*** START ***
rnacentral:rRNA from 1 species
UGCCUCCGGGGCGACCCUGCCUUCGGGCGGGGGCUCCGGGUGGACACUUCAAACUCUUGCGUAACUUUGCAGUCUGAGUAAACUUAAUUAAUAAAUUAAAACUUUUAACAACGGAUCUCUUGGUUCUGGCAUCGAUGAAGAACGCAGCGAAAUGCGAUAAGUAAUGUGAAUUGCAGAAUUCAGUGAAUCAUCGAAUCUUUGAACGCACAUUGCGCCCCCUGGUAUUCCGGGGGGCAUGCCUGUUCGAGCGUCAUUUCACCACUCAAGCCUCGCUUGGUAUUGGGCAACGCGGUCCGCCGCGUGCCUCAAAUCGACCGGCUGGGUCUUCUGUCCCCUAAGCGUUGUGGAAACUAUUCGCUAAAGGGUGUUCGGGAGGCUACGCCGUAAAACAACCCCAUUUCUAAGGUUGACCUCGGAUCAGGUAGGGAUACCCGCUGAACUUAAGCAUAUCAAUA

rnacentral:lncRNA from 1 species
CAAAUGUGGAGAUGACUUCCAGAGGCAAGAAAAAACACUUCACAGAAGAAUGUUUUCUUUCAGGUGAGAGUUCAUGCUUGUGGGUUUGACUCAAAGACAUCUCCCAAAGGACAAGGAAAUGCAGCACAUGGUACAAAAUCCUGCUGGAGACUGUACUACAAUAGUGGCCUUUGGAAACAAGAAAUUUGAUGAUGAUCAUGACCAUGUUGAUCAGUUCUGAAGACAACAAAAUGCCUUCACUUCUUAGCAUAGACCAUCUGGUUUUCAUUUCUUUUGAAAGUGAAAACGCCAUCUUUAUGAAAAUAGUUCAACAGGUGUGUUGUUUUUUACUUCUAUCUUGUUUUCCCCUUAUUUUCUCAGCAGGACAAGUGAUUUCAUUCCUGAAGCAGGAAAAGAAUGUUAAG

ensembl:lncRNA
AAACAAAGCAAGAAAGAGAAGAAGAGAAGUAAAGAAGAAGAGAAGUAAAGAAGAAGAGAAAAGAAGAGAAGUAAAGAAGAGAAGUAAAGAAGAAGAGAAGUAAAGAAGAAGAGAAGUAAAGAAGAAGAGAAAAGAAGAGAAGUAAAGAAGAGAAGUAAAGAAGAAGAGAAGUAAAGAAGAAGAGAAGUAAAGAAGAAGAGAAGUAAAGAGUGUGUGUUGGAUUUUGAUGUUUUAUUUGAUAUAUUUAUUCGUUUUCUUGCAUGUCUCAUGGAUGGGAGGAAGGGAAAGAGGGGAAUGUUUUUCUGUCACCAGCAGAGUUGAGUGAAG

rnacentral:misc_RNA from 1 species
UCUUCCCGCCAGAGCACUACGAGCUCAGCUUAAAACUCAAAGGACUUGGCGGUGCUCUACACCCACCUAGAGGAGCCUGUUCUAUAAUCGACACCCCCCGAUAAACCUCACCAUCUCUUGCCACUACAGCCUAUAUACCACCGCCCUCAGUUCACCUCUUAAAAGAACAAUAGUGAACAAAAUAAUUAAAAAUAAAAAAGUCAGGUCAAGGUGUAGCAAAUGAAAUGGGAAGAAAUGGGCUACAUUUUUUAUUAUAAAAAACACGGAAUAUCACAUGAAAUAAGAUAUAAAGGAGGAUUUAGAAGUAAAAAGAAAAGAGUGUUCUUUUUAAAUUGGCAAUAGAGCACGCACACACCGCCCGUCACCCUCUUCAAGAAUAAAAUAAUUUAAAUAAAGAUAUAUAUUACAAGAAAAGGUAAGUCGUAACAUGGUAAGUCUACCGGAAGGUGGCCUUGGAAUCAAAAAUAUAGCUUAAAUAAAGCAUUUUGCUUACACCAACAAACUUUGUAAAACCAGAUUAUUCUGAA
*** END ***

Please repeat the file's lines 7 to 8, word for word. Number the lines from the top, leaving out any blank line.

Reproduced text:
rnacentral:misc_RNA from 1 species
UCUUCCCGCCAGAGCACUACGAGCUCAGCUUAAAACUCAAAGGACUUGGCGGUGCUCUACACCCACCUAGAGGAGCCUGUUCUAUAAUCGACACCCCCCGAUAAACCUCACCAUCUCUUGCCACUACAGCCUAUAUACCACCGCCCUCAGUUCACCUCUUAAAAGAACAAUAGUGAACAAAAUAAUUAAAAAUAAAAAAGUCAGGUCAAGGUGUAGCAAAUGAAAUGGGAAGAAAUGGGCUACAUUUUUUAUUAUAAAAAACACGGAAUAUCACAUGAAAUAAGAUAUAAAGGAGGAUUUAGAAGUAAAAAGAAAAGAGUGUUCUUUUUAAAUUGGCAAUAGAGCACGCACACACCGCCCGUCACCCUCUUCAAGAAUAAAAUAAUUUAAAUAAAGAUAUAUAUUACAAGAAAAGGUAAGUCGUAACAUGGUAAGUCUACCGGAAGGUGGCCUUGGAAUCAAAAAUAUAGCUUAAAUAAAGCAUUUUGCUUACACCAACAAACUUUGUAAAACCAGAUUAUUCUGAA